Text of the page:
Pinchot juniper is described as "moderately" nutritious [108]. The plant has a dry matter digestion range of 57% to 66% and a crude protein range of 6% to 9%. Domestic goat consumption of Pinchot juniper throughout the year, particularly during the dormant season, may increase the likelihood that domestic goats meet their nutritional requirements. Pinchot juniper consumption, at a maximum of 30% of their diet, may also result in a favorable shift of volatile fatty acid production towards lower acetate:propionate ratios, thus improving feeding efficiency. Also, low levels of Pinchot juniper (at or below 30% of their diet) may induce both stage I and stage II detoxification enzymes [108].

Nutritional/mineral content (%) of Pinchot juniper fruit and foliage for one measurement date each in Sutton County, Texas [30]

Plant part
(date collected)
Protein Ether extract Crude fiber N-free extract Water Ash Potash Lime Magnesium Phosphoric acid
Mature fruit (12/18) 5.94 11.12 29.35 35.98 14.77 2.84 1.21 1.22 0.19 0.28
Foliage
(3/24)
7.93 9.48 18.45 52.05 7.66 4.43 0.59 2.36 0.26 0.28

Huston and others [49] measured the composition of Pinchot juniper leaves 11 times from 1973 to 1976 on Edwards Plateau, Texas.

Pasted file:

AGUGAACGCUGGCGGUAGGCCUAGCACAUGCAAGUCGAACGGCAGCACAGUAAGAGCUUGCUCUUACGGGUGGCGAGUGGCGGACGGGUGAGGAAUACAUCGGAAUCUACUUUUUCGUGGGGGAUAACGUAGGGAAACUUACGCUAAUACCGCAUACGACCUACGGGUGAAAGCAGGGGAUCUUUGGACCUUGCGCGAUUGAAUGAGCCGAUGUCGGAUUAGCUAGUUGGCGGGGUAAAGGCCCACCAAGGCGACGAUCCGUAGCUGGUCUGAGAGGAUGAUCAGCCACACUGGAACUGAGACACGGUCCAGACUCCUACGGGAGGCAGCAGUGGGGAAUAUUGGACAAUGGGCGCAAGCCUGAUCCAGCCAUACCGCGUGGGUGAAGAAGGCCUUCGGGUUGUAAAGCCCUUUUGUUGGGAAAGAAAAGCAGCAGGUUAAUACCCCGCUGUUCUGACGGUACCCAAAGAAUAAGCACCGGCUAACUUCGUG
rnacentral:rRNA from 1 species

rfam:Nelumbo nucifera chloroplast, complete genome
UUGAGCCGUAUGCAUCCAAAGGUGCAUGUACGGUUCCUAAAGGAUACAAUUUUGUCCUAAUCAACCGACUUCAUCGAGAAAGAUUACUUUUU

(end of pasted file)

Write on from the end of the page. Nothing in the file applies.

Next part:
Compositional range of Pinchot juniper leaves during 11 measurement dates [49]

Collection date Composition (%)
Water Ash Cell wall Phosphorus Protein Digestible organic matter
4/73 - 7/76 46-56 4-6 34-37 0.08-0.17 6-9 57-66

Cover value: Pinchot juniper provides valuable cover for numerous wildlife species [26,116]. It has a high cover, escape, and thermal value for white-tailed deer on the Edwards Plateau and the Rolling Plains of Texas [15]. Many species of birds us Pinchot juniper for nesting and roosting cover [119,120,128].

VALUE FOR REHABILITATION OF DISTURBED SITES:
Pinchot juniper stabilizes soil on steep and rocky range sites [26,112,116].

OTHER USES:
The Comanche Native Americans used Pinchot juniper as a treatment for headaches, vertigo, and other ailments. The leaves were dried over hot coals and inhaled. They also used an extract of the dried and pulverized roots to alleviate menstrual problems [113]. Pinchot juniper was also used in the construction of bows and arrow shafts by the Kiowa, Comanche, Cheyenne, and Apache Native Americans [38].